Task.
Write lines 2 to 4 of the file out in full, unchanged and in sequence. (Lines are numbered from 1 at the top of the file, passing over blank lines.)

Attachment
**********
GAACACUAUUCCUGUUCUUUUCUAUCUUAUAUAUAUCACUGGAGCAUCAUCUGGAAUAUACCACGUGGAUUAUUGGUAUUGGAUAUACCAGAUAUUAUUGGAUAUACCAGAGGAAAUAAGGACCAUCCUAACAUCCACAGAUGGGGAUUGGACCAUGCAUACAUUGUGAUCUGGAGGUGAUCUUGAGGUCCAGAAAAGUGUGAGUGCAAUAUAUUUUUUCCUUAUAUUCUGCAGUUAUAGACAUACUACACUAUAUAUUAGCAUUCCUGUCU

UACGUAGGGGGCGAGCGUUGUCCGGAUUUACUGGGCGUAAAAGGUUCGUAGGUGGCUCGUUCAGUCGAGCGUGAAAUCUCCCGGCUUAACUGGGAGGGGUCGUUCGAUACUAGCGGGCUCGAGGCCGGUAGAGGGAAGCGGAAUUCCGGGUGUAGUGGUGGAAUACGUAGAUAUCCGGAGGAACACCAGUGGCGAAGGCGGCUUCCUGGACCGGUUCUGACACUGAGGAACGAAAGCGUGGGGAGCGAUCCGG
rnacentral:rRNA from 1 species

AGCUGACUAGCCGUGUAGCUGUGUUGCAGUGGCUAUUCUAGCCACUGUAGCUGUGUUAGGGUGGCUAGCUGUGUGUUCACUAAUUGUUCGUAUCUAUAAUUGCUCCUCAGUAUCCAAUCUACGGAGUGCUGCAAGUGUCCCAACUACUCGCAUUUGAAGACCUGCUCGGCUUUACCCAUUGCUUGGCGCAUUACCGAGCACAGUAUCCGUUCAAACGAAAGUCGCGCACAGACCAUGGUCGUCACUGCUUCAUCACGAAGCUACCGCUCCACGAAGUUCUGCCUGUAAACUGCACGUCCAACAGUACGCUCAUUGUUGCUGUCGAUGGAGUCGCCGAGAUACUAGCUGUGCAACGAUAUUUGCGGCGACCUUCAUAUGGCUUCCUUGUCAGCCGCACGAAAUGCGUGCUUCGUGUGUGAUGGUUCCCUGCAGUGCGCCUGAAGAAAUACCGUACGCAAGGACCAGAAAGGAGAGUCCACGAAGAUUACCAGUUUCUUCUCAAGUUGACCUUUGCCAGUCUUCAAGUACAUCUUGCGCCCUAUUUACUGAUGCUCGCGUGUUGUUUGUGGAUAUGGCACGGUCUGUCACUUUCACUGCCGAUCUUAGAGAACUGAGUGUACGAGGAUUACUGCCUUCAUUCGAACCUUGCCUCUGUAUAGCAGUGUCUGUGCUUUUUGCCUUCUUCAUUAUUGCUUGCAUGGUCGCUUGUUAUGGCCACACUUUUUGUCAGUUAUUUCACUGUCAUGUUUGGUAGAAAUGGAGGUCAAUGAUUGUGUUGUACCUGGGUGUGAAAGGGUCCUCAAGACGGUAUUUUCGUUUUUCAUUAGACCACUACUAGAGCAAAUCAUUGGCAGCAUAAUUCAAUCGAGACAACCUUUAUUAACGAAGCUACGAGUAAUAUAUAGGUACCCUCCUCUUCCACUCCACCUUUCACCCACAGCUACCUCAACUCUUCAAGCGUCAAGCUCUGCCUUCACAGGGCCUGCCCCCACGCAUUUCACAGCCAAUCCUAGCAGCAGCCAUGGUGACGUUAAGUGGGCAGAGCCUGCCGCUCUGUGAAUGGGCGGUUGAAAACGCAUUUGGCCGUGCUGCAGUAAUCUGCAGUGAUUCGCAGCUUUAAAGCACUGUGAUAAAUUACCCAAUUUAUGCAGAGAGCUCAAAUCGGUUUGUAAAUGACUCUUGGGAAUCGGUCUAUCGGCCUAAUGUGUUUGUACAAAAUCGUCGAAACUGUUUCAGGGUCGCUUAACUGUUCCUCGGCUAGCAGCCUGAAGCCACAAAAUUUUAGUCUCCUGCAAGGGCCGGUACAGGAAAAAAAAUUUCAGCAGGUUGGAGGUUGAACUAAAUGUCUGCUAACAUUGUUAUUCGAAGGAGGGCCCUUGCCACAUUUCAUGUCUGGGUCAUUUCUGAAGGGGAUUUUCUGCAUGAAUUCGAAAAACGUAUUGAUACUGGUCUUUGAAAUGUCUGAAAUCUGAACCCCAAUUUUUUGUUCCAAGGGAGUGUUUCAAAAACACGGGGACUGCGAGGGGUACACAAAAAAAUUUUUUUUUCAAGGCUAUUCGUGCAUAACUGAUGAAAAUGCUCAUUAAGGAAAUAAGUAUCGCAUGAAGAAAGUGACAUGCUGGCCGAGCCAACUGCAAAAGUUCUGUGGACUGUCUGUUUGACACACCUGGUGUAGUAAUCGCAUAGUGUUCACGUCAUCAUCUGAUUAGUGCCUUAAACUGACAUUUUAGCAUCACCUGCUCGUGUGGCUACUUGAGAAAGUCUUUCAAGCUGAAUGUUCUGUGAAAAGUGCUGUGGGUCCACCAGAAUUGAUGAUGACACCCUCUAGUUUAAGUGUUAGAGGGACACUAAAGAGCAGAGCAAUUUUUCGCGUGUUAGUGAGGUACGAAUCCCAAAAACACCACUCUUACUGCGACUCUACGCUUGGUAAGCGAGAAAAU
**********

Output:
UACGUAGGGGGCGAGCGUUGUCCGGAUUUACUGGGCGUAAAAGGUUCGUAGGUGGCUCGUUCAGUCGAGCGUGAAAUCUCCCGGCUUAACUGGGAGGGGUCGUUCGAUACUAGCGGGCUCGAGGCCGGUAGAGGGAAGCGGAAUUCCGGGUGUAGUGGUGGAAUACGUAGAUAUCCGGAGGAACACCAGUGGCGAAGGCGGCUUCCUGGACCGGUUCUGACACUGAGGAACGAAAGCGUGGGGAGCGAUCCGG
rnacentral:rRNA from 1 species

AGCUGACUAGCCGUGUAGCUGUGUUGCAGUGGCUAUUCUAGCCACUGUAGCUGUGUUAGGGUGGCUAGCUGUGUGUUCACUAAUUGUUCGUAUCUAUAAUUGCUCCUCAGUAUCCAAUCUACGGAGUGCUGCAAGUGUCCCAACUACUCGCAUUUGAAGACCUGCUCGGCUUUACCCAUUGCUUGGCGCAUUACCGAGCACAGUAUCCGUUCAAACGAAAGUCGCGCACAGACCAUGGUCGUCACUGCUUCAUCACGAAGCUACCGCUCCACGAAGUUCUGCCUGUAAACUGCACGUCCAACAGUACGCUCAUUGUUGCUGUCGAUGGAGUCGCCGAGAUACUAGCUGUGCAACGAUAUUUGCGGCGACCUUCAUAUGGCUUCCUUGUCAGCCGCACGAAAUGCGUGCUUCGUGUGUGAUGGUUCCCUGCAGUGCGCCUGAAGAAAUACCGUACGCAAGGACCAGAAAGGAGAGUCCACGAAGAUUACCAGUUUCUUCUCAAGUUGACCUUUGCCAGUCUUCAAGUACAUCUUGCGCCCUAUUUACUGAUGCUCGCGUGUUGUUUGUGGAUAUGGCACGGUCUGUCACUUUCACUGCCGAUCUUAGAGAACUGAGUGUACGAGGAUUACUGCCUUCAUUCGAACCUUGCCUCUGUAUAGCAGUGUCUGUGCUUUUUGCCUUCUUCAUUAUUGCUUGCAUGGUCGCUUGUUAUGGCCACACUUUUUGUCAGUUAUUUCACUGUCAUGUUUGGUAGAAAUGGAGGUCAAUGAUUGUGUUGUACCUGGGUGUGAAAGGGUCCUCAAGACGGUAUUUUCGUUUUUCAUUAGACCACUACUAGAGCAAAUCAUUGGCAGCAUAAUUCAAUCGAGACAACCUUUAUUAACGAAGCUACGAGUAAUAUAUAGGUACCCUCCUCUUCCACUCCACCUUUCACCCACAGCUACCUCAACUCUUCAAGCGUCAAGCUCUGCCUUCACAGGGCCUGCCCCCACGCAUUUCACAGCCAAUCCUAGCAGCAGCCAUGGUGACGUUAAGUGGGCAGAGCCUGCCGCUCUGUGAAUGGGCGGUUGAAAACGCAUUUGGCCGUGCUGCAGUAAUCUGCAGUGAUUCGCAGCUUUAAAGCACUGUGAUAAAUUACCCAAUUUAUGCAGAGAGCUCAAAUCGGUUUGUAAAUGACUCUUGGGAAUCGGUCUAUCGGCCUAAUGUGUUUGUACAAAAUCGUCGAAACUGUUUCAGGGUCGCUUAACUGUUCCUCGGCUAGCAGCCUGAAGCCACAAAAUUUUAGUCUCCUGCAAGGGCCGGUACAGGAAAAAAAAUUUCAGCAGGUUGGAGGUUGAACUAAAUGUCUGCUAACAUUGUUAUUCGAAGGAGGGCCCUUGCCACAUUUCAUGUCUGGGUCAUUUCUGAAGGGGAUUUUCUGCAUGAAUUCGAAAAACGUAUUGAUACUGGUCUUUGAAAUGUCUGAAAUCUGAACCCCAAUUUUUUGUUCCAAGGGAGUGUUUCAAAAACACGGGGACUGCGAGGGGUACACAAAAAAAUUUUUUUUUCAAGGCUAUUCGUGCAUAACUGAUGAAAAUGCUCAUUAAGGAAAUAAGUAUCGCAUGAAGAAAGUGACAUGCUGGCCGAGCCAACUGCAAAAGUUCUGUGGACUGUCUGUUUGACACACCUGGUGUAGUAAUCGCAUAGUGUUCACGUCAUCAUCUGAUUAGUGCCUUAAACUGACAUUUUAGCAUCACCUGCUCGUGUGGCUACUUGAGAAAGUCUUUCAAGCUGAAUGUUCUGUGAAAAGUGCUGUGGGUCCACCAGAAUUGAUGAUGACACCCUCUAGUUUAAGUGUUAGAGGGACACUAAAGAGCAGAGCAAUUUUUCGCGUGUUAGUGAGGUACGAAUCCCAAAAACACCACUCUUACUGCGACUCUACGCUUGGUAAGCGAGAAAAU